In May 2010, Justine Schluntz graduated summa cum laude with honors with a bachelor’s degree in mechanical engineering. With her eye on a master’s degree, she signed up as a research assistant with department head professor Jeff Jacobs, studying experimental fluid dynamics in the department of aerospace and mechanical engineering.
Then everything changed. In November 2009, Schluntz was selected as a Rhodes Scholar, which means she will skip her master’s and in October 2010 plunge straight into her doctoral studies at Oxford University.
While at Oxford, she will apply her expertise in fluid dynamics as part of the university’s Tidal Energy Research Group, which is based in the department of engineering science and conducts research into generating clean, renewable energy from tidal flows.
Between fielding calls from the press and replying to e-mails from Oxford dons, Schluntz talked to Arizona Engineer Online about her scholarship and intended research area.
Arizona Engineer: Why did you choose the Tidal Energy Research Group?
Justine Schluntz: When I was looking at the Oxford University Web site, the group really stood out for me. It has the fluid dynamics in it, which is what I’m really interested in. And renewable energy, which I think is really important also. When I contacted Dr. Willden,* he was very helpful and seemed like a person who would be great to work with. He sent a lot of articles and papers about tidal energy and was doing anything he could to help. It seemed like the perfect place.
What’s your impression of tidal energy research in the U.K.?
There are several projects looking at tidal energy with different ideas of the best way to do it. Some are actually producing power and connected to the grid. They are experimental, so it’s not a lot of power.
They’re a lot more advanced than we are in the states, which is one of the reasons to go there. In the states we are still questioning if it’s a viable resource, but the UK has come to the conclusion that it is based on the research they’ve done, and now they are starting to see how they can apply it best.
This Oxford group seems to be pushing the boundaries in this area with its research into transverse turbines.
Right. In the beginning, everybody just assumed that tidal power would be similar to wind power, and that an axial turbine would be the best. But you can’t build a huge axial turbine underwater because there’s a lot more pressure. So their idea was to build a transverse turbine, which still had a big surface area to generate a lot of power, but with less force on it.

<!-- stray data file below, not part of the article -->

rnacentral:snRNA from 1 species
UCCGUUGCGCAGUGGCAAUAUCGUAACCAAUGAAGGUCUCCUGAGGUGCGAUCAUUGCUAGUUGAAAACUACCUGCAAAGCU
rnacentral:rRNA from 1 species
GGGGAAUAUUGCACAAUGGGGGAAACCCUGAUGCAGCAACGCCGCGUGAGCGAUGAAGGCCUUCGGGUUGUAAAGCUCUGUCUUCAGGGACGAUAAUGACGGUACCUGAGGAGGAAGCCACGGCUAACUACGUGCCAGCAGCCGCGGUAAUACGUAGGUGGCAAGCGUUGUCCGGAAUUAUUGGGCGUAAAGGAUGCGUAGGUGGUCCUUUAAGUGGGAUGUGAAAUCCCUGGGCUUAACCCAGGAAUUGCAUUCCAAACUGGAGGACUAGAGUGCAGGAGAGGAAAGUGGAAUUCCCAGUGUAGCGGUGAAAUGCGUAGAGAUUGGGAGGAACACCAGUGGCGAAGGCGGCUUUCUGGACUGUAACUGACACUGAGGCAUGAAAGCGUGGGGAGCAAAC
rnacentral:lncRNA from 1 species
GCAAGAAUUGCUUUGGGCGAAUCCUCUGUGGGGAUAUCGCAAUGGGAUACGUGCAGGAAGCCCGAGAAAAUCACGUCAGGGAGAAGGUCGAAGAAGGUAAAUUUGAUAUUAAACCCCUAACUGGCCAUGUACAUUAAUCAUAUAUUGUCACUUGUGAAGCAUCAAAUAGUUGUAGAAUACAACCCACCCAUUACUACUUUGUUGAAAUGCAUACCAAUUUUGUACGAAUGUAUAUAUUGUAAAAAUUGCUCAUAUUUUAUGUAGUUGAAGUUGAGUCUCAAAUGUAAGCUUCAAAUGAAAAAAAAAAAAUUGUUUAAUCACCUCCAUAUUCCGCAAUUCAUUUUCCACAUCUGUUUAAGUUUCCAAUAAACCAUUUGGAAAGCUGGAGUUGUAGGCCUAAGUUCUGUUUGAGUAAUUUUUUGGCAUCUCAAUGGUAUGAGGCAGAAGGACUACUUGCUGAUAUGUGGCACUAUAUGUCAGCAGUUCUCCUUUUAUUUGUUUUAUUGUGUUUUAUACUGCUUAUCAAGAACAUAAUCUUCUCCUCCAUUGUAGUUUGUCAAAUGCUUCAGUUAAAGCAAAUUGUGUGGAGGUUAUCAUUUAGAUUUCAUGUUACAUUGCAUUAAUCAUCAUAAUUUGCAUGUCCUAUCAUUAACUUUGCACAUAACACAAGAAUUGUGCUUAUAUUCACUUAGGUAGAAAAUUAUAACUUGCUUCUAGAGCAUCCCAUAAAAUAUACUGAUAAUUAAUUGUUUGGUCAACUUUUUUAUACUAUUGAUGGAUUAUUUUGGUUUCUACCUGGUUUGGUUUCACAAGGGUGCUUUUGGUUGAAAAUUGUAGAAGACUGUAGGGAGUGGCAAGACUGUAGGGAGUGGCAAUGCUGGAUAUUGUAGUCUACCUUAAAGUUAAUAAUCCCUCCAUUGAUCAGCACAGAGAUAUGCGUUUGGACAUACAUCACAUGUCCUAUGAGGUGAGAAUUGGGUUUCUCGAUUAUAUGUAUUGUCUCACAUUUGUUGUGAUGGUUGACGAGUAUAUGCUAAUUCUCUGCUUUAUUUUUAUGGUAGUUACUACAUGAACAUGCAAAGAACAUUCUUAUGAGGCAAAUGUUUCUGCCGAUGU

Presumably, you can build them in a modular fashion, maybe by stringing them together like links in a chain?
Yeah. That’s one of the things they’re looking into. They do a lot of computational fluid dynamics and they model channels and basin flow and try to figure out what the ideal arrangement would be. Some companies are even considering stacking turbines, but you can’t put in too many because you’re going to mess up the flow behind them and then the environment. You also have to be aware of that aspect.
UA is 125 years old in 2010. How does it feel going to a school that’s more than 800 years old?
It’s hard to comprehend the history that’s associated with an institution like Oxford. We have a lot of history here, which you can see from the old photos of the UA that show the campus with just one building in the middle of it. But it was not that long ago – you have to multiply that by six or seven times.
Given your many successes on UA’s swim team, have you looked into joining Oxford’s swim team?
I’ve had some shoulder injuries. I would still like to help out in any way I can and maybe coach a little. But I don’t think that I’ll be competing on the swim team. I don’t think my body will let me.
*Richard Willden, Royal Academy of Engineering research fellow and academic fellow in marine renewable energy at Research Councils UK, working principally on numerical analysis of tidal turbines.